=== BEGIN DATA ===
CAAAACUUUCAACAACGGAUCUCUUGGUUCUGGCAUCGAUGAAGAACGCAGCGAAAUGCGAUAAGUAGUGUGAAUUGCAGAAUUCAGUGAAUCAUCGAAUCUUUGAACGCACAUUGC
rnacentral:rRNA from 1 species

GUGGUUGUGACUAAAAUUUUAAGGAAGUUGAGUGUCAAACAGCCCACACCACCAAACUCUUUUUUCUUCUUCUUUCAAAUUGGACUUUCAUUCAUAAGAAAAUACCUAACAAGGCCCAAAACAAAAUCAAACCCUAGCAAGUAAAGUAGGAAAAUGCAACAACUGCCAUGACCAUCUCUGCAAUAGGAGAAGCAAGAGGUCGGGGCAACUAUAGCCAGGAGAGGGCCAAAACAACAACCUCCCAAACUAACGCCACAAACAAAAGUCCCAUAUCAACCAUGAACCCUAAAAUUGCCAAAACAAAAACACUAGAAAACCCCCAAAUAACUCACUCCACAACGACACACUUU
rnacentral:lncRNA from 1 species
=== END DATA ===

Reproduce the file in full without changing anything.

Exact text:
CAAAACUUUCAACAACGGAUCUCUUGGUUCUGGCAUCGAUGAAGAACGCAGCGAAAUGCGAUAAGUAGUGUGAAUUGCAGAAUUCAGUGAAUCAUCGAAUCUUUGAACGCACAUUGC
rnacentral:rRNA from 1 species

GUGGUUGUGACUAAAAUUUUAAGGAAGUUGAGUGUCAAACAGCCCACACCACCAAACUCUUUUUUCUUCUUCUUUCAAAUUGGACUUUCAUUCAUAAGAAAAUACCUAACAAGGCCCAAAACAAAAUCAAACCCUAGCAAGUAAAGUAGGAAAAUGCAACAACUGCCAUGACCAUCUCUGCAAUAGGAGAAGCAAGAGGUCGGGGCAACUAUAGCCAGGAGAGGGCCAAAACAACAACCUCCCAAACUAACGCCACAAACAAAAGUCCCAUAUCAACCAUGAACCCUAAAAUUGCCAAAACAAAAACACUAGAAAACCCCCAAAUAACUCACUCCACAACGACACACUUU
rnacentral:lncRNA from 1 species